Grocery stores, supermarkets, convenience stores... from name brands to mom and pop shops, the retail experience has changed drastically over the years. Self-service grocery stores however, both large and small, have remained largely unchanged since their inception in 1916 by Piggly Wiggly. The introduction of the shopping cart in 1937 by Sylvan Goldman, owner of the Humpty Dumpty supermarket chain, further upended the grocery market. Since then, there have been relatively few changes in the grocery shopping experience.
So what’s next for grocery and retail? In this post, we’ll examine the future of how customers might experience their local grocery store, and ways to stay one step ahead of the competition.
As technology has matured, so have the applications that are readily available to leverage. The gig economy has enabled streamlined delivery services, advances in machine intelligence has brought the self-checkout machine, and breakthroughs in IoT have provided a foundation for cashierless stores. There is a lot to wade through and understand, so it's important to remain vigilant with how the grocery industry evolves, what takes precedent, and what falls flat.
Instacart, and other grocery delivery service like Google Express or Amazon Prime Fresh, have redefined what it means to go grocery shopping. These new services are interesting for a very particular reason: despite the surge to ecommerce and online shopping that are leading to the decline of the brick and mortar concept, these delivery services are bolstering the need for physical stores. Despite the consumer having no contact with the storefront, they are still supporting the physical store through use of the delivery service. In order to stay relevant and remain competitive, it's vital that grocery stores go beyond simply supporting these services. In most, if not all cases, the grocery retailer does not have to change their practices in order to sustain this implementation of the gig economy. But how can retailers go beyond the norm and shine brighter than the competition? One method may be to combine self-checkout and cashierless services along with a smaller workforce to reduce costs. Each grocer needs to understand this technology and the following ones to remain competitive.
The Instacart process. Source: https://tech.instacart.com/instacart-anytime-a-data-science-paradigm-33eb25a5c32d
Self-checkout machines, invented in 1984 and popularized in the 1990s, have evolved from a staple in our modern way of life: the self-service grocery store. Originally, clerks at grocery stores would compile requested food items and charge based on weight, but as we mentioned earlier, Piggly Wiggly saw an opportunity to reduce costs by eliminating the need for clerks. More recently, David R. Humble took this idea further and invented the self-checkout machine, effectively eliminating the need for cashiers. Despite this invention, cashiers are still widely popular and the norm in retail. These machines have the potential to save costs on labor, but in doing so, retailers are putting more employees out of work. This tradeoff should be a consideration if grocers are to implement self checkout machines. On one hand, the impersonal experience of a self-checkout machine may turn away customers, but ignoring cost-saving technology has historically been a sure-fire way to failure. Some grocers and retailers have adopted self-checkout machines while retaining their cashiers, which suggests that this technology may become a compliment to existing tech, rather than a replacement.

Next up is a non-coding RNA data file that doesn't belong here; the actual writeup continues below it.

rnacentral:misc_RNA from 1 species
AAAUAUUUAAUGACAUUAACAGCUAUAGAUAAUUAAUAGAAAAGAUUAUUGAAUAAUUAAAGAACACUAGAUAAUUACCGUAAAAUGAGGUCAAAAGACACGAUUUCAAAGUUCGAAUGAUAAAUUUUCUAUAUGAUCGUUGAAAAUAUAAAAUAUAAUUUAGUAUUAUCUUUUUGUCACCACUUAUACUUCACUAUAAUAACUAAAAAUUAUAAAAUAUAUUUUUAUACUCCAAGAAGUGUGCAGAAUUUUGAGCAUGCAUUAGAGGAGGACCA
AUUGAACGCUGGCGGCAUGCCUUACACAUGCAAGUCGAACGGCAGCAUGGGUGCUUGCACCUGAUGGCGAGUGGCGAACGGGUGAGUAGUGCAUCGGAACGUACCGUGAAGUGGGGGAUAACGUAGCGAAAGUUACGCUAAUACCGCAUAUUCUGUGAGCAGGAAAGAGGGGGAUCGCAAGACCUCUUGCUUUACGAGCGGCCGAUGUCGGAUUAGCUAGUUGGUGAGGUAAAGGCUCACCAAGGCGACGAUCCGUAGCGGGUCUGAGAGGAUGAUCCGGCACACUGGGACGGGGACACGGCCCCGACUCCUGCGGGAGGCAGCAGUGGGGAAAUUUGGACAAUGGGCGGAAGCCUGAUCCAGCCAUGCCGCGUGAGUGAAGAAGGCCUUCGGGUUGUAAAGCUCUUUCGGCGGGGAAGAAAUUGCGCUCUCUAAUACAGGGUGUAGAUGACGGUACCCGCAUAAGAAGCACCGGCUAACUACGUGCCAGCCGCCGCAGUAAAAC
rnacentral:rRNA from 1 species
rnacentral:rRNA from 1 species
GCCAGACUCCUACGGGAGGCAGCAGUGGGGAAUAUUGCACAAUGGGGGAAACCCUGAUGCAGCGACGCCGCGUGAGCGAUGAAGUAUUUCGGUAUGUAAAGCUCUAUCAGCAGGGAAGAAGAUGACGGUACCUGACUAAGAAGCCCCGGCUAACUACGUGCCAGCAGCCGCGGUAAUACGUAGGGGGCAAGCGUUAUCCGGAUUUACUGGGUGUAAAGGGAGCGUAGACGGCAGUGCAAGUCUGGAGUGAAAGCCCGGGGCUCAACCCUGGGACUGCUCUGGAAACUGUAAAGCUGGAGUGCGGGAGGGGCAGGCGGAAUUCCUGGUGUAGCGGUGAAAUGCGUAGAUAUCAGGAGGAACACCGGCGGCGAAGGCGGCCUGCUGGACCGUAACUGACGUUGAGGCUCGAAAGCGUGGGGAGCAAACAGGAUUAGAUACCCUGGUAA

Self checkout located in a grocery store. Source: http://blogs.seattletimes.com/monica-guzman/2013/06/29/seattle-app-follows-self-checkout-machines-in-bid-for-your-groceries/
Even more striking than a self-checkout machine is the lack of a point of sale (POS) altogether. Another idea of Piggly Wiggly’s founder Clarence Saunders was to create an automated grocery store, similar to a vending machine. Today, Amazon has taken this a step further with their cashierless stores. In essence, you can walk into a store, grab your goods, and walk out. An app on your phone will then charge you the amount of items you purchased, effectively replacing cashiers altogether. This will further reduce costs and increase the foot traffic through the store by eliminating lines for checkout, but will come at the expense of fewer jobs available in retail. This is an additional opportunity to stay competitive and reduce costs, but may eliminate the reason customers would venture to a specific store in the first place: excellent customer service.
The Cashierless Amazon Go Store. Source: https://www.theverge.com/2018/10/23/18010022/amazon-go-cashier-less-store-san-francisco-location-opens
The future of retail and grocery isn’t all doom and gloom, as there are plenty of technologies meant to improve customer experience with no downsides. Take for instance, end-to-end digital food safety. Too many grocery stores are left in the dark with pen and paper methods of tracking temperatures of refrigerators, both in-store and in-transit. With a remote monitoring solution, temperature excursions can be identified in real-time and provide actionable alerts that enable proactive food safety. This helps to keep customers safe and prevents problems before they occur.
The future of retail is unknown, but there is at least one guarantee: technology will continue to shape our experience, and in order to remain competitive, grocers must understand all of the tools available at their disposal.
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